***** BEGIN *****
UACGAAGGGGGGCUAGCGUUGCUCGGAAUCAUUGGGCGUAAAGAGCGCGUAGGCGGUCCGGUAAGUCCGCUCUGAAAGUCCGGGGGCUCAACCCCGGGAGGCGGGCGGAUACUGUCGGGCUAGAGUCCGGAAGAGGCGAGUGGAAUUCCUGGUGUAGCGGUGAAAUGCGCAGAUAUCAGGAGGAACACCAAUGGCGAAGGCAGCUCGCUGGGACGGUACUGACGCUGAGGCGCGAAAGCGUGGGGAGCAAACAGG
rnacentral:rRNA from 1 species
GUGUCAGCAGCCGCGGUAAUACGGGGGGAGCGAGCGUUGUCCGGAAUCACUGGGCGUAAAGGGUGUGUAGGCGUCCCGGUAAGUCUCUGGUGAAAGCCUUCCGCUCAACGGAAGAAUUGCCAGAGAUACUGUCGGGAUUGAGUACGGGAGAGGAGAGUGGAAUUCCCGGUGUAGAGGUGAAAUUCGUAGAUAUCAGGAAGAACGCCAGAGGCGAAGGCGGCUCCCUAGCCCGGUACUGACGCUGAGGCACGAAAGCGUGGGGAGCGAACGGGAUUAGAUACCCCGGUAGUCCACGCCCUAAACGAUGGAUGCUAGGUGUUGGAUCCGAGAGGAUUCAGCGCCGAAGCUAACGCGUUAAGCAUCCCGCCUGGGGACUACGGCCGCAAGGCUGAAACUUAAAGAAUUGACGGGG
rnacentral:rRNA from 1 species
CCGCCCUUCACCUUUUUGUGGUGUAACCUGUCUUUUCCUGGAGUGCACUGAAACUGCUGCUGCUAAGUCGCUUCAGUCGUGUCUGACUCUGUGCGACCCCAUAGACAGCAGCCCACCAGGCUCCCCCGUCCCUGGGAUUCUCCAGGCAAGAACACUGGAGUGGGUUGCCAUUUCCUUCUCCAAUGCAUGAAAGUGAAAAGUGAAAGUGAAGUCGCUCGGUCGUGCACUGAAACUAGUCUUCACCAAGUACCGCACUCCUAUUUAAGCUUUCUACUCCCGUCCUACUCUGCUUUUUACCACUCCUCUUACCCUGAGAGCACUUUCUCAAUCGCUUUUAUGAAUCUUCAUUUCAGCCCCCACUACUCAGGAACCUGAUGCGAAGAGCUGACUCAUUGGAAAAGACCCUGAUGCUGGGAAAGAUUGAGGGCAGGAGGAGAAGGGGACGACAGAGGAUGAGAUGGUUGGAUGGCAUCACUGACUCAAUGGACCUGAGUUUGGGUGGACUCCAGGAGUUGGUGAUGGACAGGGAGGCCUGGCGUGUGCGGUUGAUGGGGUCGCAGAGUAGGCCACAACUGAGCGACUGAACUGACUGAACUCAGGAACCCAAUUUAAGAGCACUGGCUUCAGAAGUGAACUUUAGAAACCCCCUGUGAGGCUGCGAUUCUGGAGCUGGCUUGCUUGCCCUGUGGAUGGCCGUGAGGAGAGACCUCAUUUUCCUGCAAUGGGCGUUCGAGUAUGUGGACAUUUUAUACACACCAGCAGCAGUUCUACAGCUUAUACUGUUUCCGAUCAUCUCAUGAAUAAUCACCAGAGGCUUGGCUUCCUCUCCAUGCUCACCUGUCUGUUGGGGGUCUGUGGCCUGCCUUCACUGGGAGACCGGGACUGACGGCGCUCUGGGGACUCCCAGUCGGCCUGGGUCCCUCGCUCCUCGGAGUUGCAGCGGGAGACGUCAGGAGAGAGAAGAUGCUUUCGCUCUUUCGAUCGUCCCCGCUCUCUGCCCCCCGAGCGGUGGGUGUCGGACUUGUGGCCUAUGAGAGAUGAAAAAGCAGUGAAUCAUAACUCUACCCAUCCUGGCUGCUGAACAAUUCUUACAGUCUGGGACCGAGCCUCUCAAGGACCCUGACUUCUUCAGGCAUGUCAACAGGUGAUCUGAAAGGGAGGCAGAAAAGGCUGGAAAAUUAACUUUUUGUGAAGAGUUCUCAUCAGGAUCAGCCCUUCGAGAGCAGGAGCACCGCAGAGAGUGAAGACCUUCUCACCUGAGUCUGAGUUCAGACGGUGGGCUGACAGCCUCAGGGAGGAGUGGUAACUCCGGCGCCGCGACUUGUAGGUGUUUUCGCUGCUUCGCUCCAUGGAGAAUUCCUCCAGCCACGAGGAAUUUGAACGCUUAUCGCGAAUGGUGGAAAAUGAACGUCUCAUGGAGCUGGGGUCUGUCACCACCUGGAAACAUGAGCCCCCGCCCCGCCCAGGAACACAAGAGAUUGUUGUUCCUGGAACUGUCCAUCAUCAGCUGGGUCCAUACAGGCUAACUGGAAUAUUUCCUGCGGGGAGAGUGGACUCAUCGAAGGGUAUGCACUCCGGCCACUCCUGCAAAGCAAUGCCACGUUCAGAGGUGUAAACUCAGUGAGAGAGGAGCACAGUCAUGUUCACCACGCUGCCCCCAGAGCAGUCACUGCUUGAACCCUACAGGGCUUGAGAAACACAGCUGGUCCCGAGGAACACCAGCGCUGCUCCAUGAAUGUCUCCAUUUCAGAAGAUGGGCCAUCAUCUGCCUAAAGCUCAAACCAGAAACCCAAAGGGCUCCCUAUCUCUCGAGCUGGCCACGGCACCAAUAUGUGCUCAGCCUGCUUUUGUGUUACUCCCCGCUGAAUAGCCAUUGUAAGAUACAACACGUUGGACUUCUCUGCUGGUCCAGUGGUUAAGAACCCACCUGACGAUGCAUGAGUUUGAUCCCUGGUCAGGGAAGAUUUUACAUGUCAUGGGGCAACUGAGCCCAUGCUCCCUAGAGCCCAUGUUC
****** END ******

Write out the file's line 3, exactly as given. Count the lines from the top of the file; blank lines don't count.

GUGUCAGCAGCCGCGGUAAUACGGGGGGAGCGAGCGUUGUCCGGAAUCACUGGGCGUAAAGGGUGUGUAGGCGUCCCGGUAAGUCUCUGGUGAAAGCCUUCCGCUCAACGGAAGAAUUGCCAGAGAUACUGUCGGGAUUGAGUACGGGAGAGGAGAGUGGAAUUCCCGGUGUAGAGGUGAAAUUCGUAGAUAUCAGGAAGAACGCCAGAGGCGAAGGCGGCUCCCUAGCCCGGUACUGACGCUGAGGCACGAAAGCGUGGGGAGCGAACGGGAUUAGAUACCCCGGUAGUCCACGCCCUAAACGAUGGAUGCUAGGUGUUGGAUCCGAGAGGAUUCAGCGCCGAAGCUAACGCGUUAAGCAUCCCGCCUGGGGACUACGGCCGCAAGGCUGAAACUUAAAGAAUUGACGGGG